4. Market Street
By the time Yerba Buena Cemetery opened in 1850, on 11 acres between Market, Larkin and McAllister streets, Market Street had become a more or less accessible roadway through the sand dunes and creeks. Larkin was the western city limit at the time, and city planners thought this area would be a good spot for a remote cemetery for at least 50 years. It was full within 10. Locals could have come from many directions to bring their loved ones to Yerba Buena for burial, but Market Street was one of the better options.
The Flood Building: is allegedly haunted by the ghosts of people who died in a fire in 1898, when a hotel stood on this site.
The Warfield: This vaudeville theater turned music venue is full of ghosts. The Haunted Bay and Alameda Paranormal Researchers investigated the site extensively, and you can watch their episodes on the Warfield here, here and here.
The Market Street Cinema: The ghosts of a dead janitor and an unidentified woman are allegedly regularly spotted by visitors to this former movie theater.
City Hall: Although it’s a block away from the western edge of the former Yerba Buena Cemetery, there are numerous private reports of ghosts flitting around in the building, particularly at night.
5. Pacific Avenue and Bush Street
In 1854, the city opened Lone Mountain Cemetery on 170 acres of land on and around Lone Mountain. At first, the best way to get out there was along Pacific Street (now Pacific Avenue), though this was not an easy journey. “The present mode of access to the cemetery is by a circuitous route, nearly four miles in length, by way of Pacific street and the presidio.” But by late 1854, with help from the cemetery, Bush Street opened from downtown to the gates of the burial ground, which established a main entrance at Bush Street and Cemetery Avenue (now Presidio Avenue).
The Hotel Emblem (formerly the Hotel Rex): This hotel’s entrance is on Sutter Street, but the block it’s on touches Bush Street as well. Several guests have reported seeing a ghost who roams the halls.
The Queen Anne Hotel: Also on Sutter, but touching Bush, this hotel is allegedly haunted by the ghost of Miss Mary Lake, the head of a girl’s school that operated here in the 1890s. Her former office is now Room 410.
The Sutter Building: This medical office building at 450 Sutter Street, touching Bush, is apparently home to shadowy black figures that regularly terrorize security personnel at night.
6. Presidio Avenue, Masonic Avenue and Turk Boulevard
In its early days, Presidio Avenue was called Cemetery Avenue because it provided a main route to get to the cemeteries on Lone Mountain, including Laurel Hill and Calvary cemeteries. Masonic Avenue got its name from the Masonic Cemetery, just south of Lone Mountain, although the cemetery had an entrance on Turk Street. Turk Street would have also gotten you to the Odd Fellows and Greco Russian Cemeteries located in this massive cluster of burial grounds.
The Whittier Mansion: The former home of William Franklin Whittier is located on Jackson Street, on a block that touches Presidio Avenue. Shadowy figures allegedly haunt the basement “with hot and cold running chills.”
Great Star Theater: Chinatown’s famed cinema and theater, on Jackson Street touching Pacific, is reportedly home to at least one ghost. The Haunted Bay and Alameda Paranormal Researchers call it one of the most haunted places in the Bay Area.
7. Geary Boulevard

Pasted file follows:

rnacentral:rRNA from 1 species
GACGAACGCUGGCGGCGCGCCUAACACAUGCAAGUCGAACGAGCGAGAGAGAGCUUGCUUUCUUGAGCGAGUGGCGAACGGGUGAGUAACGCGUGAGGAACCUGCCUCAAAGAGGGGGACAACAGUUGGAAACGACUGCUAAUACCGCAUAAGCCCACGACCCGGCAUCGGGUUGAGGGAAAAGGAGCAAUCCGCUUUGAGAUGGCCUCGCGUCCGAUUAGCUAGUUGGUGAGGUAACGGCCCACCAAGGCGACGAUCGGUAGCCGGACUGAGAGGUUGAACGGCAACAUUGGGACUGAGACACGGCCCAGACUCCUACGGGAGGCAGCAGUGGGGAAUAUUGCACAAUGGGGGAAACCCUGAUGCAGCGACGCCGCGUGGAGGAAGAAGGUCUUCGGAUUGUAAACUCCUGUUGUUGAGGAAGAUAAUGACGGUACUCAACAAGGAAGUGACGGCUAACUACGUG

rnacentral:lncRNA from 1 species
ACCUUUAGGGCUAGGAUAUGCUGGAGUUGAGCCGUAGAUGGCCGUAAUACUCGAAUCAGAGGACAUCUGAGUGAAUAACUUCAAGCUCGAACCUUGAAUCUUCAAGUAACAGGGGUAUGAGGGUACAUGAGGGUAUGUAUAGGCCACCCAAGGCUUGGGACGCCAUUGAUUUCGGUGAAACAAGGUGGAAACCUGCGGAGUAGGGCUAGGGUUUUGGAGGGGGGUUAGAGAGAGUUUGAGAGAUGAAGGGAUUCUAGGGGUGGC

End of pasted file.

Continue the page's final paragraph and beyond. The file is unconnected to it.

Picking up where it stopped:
San Francisco established City Cemetery, also called Golden Gate Cemetery, at the far reaches of the city in 1868. It was bounded by 33rd and 48th Avenues, the Pacific Ocean to the north and the Point Lobos Toll Road, now Geary Boulevard, to the south. The toll road ran from Kearny and Clay streets all the way to the Cliff House, and offered another way to get to the Lone Mountain cemeteries for folks who had enough money to bury their loved ones there. City Cemetery was largely for poor and immigrant residents who couldn’t afford a stately tomb or statue to mark their resting place on Lone Mountain. As the outer Richmond District expanded, the southernmost part of City Cemetery was removed so that Clement Street could be extended to Land’s End.
The Palace of the Legion of Honor Museum: Located right in the middle of the old City Cemetery, it’s reportedly haunted. That’s understandable, considering that many early San Franciscans are still buried underneath and nearby.
The San Francisco Columbarium: The Odd Fellows built this gorgeous mausoleum on their cemetery plot, located on the western slope of Lone Mountain. A visitor reported that an unseen hand gripped theirs, leaving a mark.
Curran Theater: The ghost of a ticket-booth worker who was murdered in this Geary Street theater allegedly still hangs around and sometimes appears in the lobby mirror.
8. San Jose Avenue and the Caltrain tracks
Once Colma was established as San Francisco’s necropolis — the main place for locals to bury their dead — a fleet of somberly painted streetcars was established to carry coffins to their final destinations. Some of these ran down Valencia Street past the mortuaries; others followed today’s Mission-14 bus line, along Mission Street. At the south end of the Mission District, they would have run along the railroad tracks now in the center of San Jose Avenue through the Bernal Cut, loosely following today’s San Jose Avenue southward to Colma.
Another railway carried the dead south along the Southern Pacific tracks, with a spur that ran through a corner of San Bruno Mountain. You can still see one side of this railway tunnel where Cal-Rite Services is today, sealed shut and covered in graffiti. It’s likely where Tunnel Avenue, which runs parallel to the tracks now used by Caltrain, got its name.
None on record, so far.
9. The Presidio:
Several current and former cemeteries are located in the Presidio, including the San Francisco National Cemetery, which is closed to new interments but still accepts previously arranged burials of military veterans and their families, an early Spanish-Mexican Cemetery located where the Main Post is today, a Pet Cemetery and a cemetery for people who died at the Marine Hospital out on Wedemeyer Street.